The patio process is a process for extracting silver from ore. It is processed for separating silver from the ore by amalgamating it with mercury on an open floor. The process was invented by Bartolomé de Medina in Pachuca, Mexico, in 1554. The patio process was the first process to use mercury amalgamation to recover silver from ore. The patio process, dating back to the 16th century, was a crude chemical method for the recovery of silver by amalgamation in low heaps with the aid of salt and copper sulfate (magistral). It replaced smelting as the primary method of extracting silver from ore at Spanish colonies in the Americas. It is a method of isolating silver from its ore that was used from the 16th to early in the 20th century; the process was apparently commonly used by Indians in America before the arrival of the Europeans.
When the amalgamation was complete, the material was agitated with water in large tubs and the mud runs off. Other amalgamation processes were later developed, importantly the pan amalgamation process, and its variant, the Washoe process. The amalgam remaining at the bottom was collected and heated to drive off the mercury. This large-scale amalgamation process is the first known in the history of precious metal refining. The silver separation process generally differed from gold parting and gold extraction, although amalgamation with mercury is also sometimes used to extract gold. It’s been used as currency by more people than any other metal, including gold. The unique properties of silver make it ideal for industrial use, especially in photography and electronics.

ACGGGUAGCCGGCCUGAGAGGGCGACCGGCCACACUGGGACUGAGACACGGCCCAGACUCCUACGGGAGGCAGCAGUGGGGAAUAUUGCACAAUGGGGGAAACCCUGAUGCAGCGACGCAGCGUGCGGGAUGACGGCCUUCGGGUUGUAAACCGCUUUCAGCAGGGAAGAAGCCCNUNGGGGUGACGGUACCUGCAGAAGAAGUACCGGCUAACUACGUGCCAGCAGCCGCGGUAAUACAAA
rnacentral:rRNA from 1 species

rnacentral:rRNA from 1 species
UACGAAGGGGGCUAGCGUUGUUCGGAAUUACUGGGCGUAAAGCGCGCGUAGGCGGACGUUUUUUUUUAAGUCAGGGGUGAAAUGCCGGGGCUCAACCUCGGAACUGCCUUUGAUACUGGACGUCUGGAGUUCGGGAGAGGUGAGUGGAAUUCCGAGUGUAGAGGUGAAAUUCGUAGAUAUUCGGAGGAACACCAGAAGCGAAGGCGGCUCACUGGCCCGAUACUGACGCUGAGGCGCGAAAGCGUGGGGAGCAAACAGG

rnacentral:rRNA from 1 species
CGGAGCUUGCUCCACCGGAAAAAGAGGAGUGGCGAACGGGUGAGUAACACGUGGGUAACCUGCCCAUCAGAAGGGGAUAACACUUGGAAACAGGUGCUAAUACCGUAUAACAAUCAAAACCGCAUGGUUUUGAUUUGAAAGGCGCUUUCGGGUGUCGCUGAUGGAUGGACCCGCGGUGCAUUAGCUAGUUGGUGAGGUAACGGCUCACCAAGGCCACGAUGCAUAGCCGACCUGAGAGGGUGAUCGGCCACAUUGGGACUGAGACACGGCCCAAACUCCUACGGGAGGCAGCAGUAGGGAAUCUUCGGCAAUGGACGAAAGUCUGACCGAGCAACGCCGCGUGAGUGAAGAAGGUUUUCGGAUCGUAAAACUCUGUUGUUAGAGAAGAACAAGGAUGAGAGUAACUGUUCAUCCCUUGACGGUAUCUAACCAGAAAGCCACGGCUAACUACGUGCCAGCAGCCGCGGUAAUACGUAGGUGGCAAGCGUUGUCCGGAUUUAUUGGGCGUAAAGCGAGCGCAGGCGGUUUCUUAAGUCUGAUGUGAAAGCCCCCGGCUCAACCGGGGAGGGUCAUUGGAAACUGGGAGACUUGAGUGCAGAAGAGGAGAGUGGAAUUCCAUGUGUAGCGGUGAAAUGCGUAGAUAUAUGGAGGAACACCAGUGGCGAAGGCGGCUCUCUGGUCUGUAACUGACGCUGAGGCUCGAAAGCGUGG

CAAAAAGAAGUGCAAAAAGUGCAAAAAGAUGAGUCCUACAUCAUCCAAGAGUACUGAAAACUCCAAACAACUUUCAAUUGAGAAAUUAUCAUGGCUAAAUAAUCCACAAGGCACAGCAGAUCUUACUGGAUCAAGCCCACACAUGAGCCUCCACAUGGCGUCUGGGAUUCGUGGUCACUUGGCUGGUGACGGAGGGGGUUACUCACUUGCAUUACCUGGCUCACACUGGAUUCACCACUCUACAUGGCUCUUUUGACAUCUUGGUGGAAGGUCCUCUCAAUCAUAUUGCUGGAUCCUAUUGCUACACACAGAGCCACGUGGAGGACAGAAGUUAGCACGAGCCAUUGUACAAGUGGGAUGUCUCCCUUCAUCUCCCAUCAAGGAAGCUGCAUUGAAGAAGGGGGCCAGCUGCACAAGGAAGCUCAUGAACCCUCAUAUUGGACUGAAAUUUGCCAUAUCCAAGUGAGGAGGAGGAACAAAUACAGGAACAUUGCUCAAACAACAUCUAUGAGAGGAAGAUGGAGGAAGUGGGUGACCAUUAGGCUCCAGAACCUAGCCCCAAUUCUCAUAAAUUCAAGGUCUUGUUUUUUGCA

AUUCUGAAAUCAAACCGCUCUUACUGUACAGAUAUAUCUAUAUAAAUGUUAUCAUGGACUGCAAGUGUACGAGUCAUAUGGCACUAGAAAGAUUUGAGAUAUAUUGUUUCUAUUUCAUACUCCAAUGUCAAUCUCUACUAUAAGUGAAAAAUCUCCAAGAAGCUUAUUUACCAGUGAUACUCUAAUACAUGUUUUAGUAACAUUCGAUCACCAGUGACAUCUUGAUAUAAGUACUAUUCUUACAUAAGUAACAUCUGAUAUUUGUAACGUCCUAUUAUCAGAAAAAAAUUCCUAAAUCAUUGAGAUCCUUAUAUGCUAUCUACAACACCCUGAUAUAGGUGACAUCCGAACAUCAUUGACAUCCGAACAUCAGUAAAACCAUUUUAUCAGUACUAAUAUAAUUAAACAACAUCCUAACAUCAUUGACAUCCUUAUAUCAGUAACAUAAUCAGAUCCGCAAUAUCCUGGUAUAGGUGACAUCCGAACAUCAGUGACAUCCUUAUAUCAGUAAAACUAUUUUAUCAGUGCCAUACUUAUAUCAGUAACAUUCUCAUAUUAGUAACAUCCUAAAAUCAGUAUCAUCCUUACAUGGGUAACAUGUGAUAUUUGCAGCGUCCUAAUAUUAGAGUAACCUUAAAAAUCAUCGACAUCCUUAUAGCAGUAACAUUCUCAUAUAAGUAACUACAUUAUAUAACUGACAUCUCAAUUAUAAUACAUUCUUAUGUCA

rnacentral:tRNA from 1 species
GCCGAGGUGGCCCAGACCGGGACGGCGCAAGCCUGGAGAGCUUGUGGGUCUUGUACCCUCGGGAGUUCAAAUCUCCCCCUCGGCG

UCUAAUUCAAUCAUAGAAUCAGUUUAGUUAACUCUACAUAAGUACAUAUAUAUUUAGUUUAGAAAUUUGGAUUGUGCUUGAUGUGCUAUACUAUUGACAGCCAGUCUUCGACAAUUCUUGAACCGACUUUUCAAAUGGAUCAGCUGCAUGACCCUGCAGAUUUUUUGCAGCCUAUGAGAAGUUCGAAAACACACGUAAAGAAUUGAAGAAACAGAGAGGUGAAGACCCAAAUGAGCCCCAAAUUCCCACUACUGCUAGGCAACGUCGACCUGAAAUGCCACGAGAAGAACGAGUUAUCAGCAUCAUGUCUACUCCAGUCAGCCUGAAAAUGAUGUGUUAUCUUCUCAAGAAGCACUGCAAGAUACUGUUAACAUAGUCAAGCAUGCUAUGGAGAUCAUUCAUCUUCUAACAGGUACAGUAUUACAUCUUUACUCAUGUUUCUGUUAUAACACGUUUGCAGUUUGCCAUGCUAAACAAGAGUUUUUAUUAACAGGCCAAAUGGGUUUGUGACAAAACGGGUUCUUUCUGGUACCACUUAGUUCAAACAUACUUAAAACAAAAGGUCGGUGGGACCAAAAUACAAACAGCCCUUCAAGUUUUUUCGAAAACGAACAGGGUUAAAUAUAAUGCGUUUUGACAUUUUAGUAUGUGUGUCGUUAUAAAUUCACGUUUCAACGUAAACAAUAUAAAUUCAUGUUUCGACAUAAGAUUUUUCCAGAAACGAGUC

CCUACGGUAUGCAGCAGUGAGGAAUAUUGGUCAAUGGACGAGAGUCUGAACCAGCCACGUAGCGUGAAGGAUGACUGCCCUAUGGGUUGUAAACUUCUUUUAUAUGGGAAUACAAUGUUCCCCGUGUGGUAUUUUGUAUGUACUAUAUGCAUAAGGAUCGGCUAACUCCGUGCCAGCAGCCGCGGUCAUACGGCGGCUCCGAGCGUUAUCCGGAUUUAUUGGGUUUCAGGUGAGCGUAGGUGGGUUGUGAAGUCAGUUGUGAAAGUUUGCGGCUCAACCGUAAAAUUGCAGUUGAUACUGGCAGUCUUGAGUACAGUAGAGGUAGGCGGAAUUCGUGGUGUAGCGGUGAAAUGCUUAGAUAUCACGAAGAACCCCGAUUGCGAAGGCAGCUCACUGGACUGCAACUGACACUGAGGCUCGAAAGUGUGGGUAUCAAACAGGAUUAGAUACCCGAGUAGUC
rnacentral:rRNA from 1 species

During the patio process, silver ore was finely crushed and mixed with salt, water, copper sulfate, and mercury. It is a crude chemical method of reducing silver from its ores, followed by amalgamation in low heaps with the aid of salt and copper sulfate. This mixture was spread in a one to two-foot layer in an outdoor patio. After weeks of mixing and sun exposure, the native silver in the ore would bind with the mercury to form an amalgam. After that, pure silver could be extracted more easily than traditional methods. Silver has a rich history in coinage all across the globe, but only a small percentage of the world’s silver is still used for producing coins. This method of mining used powerful jets of water to clear away gravel and dirt that covered minerals. The method was damaging to the environment.